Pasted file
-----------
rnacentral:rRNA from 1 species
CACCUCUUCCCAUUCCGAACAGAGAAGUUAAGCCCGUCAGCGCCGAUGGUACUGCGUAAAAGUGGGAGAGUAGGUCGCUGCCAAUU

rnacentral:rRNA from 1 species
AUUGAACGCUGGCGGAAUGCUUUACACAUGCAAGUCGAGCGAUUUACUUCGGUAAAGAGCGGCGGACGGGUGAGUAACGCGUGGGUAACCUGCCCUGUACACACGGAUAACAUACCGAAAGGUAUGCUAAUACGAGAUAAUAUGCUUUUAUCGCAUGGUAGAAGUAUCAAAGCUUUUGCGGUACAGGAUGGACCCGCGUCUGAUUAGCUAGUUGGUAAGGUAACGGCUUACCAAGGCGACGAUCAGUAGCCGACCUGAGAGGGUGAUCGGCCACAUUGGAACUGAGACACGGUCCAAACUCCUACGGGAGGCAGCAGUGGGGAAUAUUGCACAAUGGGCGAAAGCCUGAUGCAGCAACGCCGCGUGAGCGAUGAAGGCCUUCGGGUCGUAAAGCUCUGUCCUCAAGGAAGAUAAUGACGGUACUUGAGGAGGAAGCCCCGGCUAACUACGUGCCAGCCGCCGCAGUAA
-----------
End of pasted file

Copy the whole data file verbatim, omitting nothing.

rnacentral:rRNA from 1 species
CACCUCUUCCCAUUCCGAACAGAGAAGUUAAGCCCGUCAGCGCCGAUGGUACUGCGUAAAAGUGGGAGAGUAGGUCGCUGCCAAUU

rnacentral:rRNA from 1 species
AUUGAACGCUGGCGGAAUGCUUUACACAUGCAAGUCGAGCGAUUUACUUCGGUAAAGAGCGGCGGACGGGUGAGUAACGCGUGGGUAACCUGCCCUGUACACACGGAUAACAUACCGAAAGGUAUGCUAAUACGAGAUAAUAUGCUUUUAUCGCAUGGUAGAAGUAUCAAAGCUUUUGCGGUACAGGAUGGACCCGCGUCUGAUUAGCUAGUUGGUAAGGUAACGGCUUACCAAGGCGACGAUCAGUAGCCGACCUGAGAGGGUGAUCGGCCACAUUGGAACUGAGACACGGUCCAAACUCCUACGGGAGGCAGCAGUGGGGAAUAUUGCACAAUGGGCGAAAGCCUGAUGCAGCAACGCCGCGUGAGCGAUGAAGGCCUUCGGGUCGUAAAGCUCUGUCCUCAAGGAAGAUAAUGACGGUACUUGAGGAGGAAGCCCCGGCUAACUACGUGCCAGCCGCCGCAGUAA